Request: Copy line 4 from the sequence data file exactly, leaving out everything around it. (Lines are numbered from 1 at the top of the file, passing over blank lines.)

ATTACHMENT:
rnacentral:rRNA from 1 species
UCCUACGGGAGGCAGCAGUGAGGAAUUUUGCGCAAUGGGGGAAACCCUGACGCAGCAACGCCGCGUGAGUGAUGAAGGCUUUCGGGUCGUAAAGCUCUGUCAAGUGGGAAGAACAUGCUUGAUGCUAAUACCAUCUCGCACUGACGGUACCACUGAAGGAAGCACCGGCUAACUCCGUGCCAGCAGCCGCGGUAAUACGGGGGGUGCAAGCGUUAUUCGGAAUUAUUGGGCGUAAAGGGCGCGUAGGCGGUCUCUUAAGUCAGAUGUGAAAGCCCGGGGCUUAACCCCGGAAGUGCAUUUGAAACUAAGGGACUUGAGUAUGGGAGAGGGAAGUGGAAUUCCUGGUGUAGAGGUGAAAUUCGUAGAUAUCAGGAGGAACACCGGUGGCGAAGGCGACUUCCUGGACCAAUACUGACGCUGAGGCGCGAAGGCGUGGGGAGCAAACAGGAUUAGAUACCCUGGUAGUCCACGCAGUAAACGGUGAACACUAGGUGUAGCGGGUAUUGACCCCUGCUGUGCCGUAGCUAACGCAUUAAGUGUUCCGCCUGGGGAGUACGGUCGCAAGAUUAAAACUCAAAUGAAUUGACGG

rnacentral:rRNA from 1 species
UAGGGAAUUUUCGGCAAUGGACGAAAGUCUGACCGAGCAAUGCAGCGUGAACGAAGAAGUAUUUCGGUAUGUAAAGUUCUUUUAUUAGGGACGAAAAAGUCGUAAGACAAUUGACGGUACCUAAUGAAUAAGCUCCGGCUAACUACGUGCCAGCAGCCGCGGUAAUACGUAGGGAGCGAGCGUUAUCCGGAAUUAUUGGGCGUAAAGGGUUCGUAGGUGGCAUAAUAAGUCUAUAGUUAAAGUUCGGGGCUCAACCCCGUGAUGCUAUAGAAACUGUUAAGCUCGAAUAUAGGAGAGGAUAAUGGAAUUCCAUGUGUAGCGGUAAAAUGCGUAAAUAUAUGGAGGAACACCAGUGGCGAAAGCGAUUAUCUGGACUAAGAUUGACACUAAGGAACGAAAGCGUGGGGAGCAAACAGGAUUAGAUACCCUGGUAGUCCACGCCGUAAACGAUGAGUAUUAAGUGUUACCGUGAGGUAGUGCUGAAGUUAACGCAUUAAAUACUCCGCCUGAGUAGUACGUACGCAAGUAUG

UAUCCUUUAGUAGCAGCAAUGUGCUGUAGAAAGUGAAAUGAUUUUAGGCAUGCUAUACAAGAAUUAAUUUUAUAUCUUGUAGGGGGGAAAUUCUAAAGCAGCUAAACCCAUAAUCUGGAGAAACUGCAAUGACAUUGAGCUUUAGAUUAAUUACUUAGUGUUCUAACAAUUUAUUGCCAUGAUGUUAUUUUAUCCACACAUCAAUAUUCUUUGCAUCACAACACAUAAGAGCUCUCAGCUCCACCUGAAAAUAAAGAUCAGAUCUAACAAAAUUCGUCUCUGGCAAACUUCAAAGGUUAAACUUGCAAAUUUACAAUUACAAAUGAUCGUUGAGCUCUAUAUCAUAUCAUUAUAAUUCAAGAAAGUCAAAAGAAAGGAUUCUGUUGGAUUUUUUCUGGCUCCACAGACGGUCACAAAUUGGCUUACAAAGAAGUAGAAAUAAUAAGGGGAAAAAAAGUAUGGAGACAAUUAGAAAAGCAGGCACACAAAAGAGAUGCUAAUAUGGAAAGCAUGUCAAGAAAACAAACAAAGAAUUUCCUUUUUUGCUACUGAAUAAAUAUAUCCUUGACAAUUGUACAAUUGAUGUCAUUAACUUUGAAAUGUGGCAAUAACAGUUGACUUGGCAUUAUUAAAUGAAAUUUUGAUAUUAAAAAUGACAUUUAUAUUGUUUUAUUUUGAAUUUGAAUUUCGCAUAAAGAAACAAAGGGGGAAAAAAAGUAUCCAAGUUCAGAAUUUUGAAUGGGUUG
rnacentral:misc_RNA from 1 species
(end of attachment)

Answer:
UAGGGAAUUUUCGGCAAUGGACGAAAGUCUGACCGAGCAAUGCAGCGUGAACGAAGAAGUAUUUCGGUAUGUAAAGUUCUUUUAUUAGGGACGAAAAAGUCGUAAGACAAUUGACGGUACCUAAUGAAUAAGCUCCGGCUAACUACGUGCCAGCAGCCGCGGUAAUACGUAGGGAGCGAGCGUUAUCCGGAAUUAUUGGGCGUAAAGGGUUCGUAGGUGGCAUAAUAAGUCUAUAGUUAAAGUUCGGGGCUCAACCCCGUGAUGCUAUAGAAACUGUUAAGCUCGAAUAUAGGAGAGGAUAAUGGAAUUCCAUGUGUAGCGGUAAAAUGCGUAAAUAUAUGGAGGAACACCAGUGGCGAAAGCGAUUAUCUGGACUAAGAUUGACACUAAGGAACGAAAGCGUGGGGAGCAAACAGGAUUAGAUACCCUGGUAGUCCACGCCGUAAACGAUGAGUAUUAAGUGUUACCGUGAGGUAGUGCUGAAGUUAACGCAUUAAAUACUCCGCCUGAGUAGUACGUACGCAAGUAUG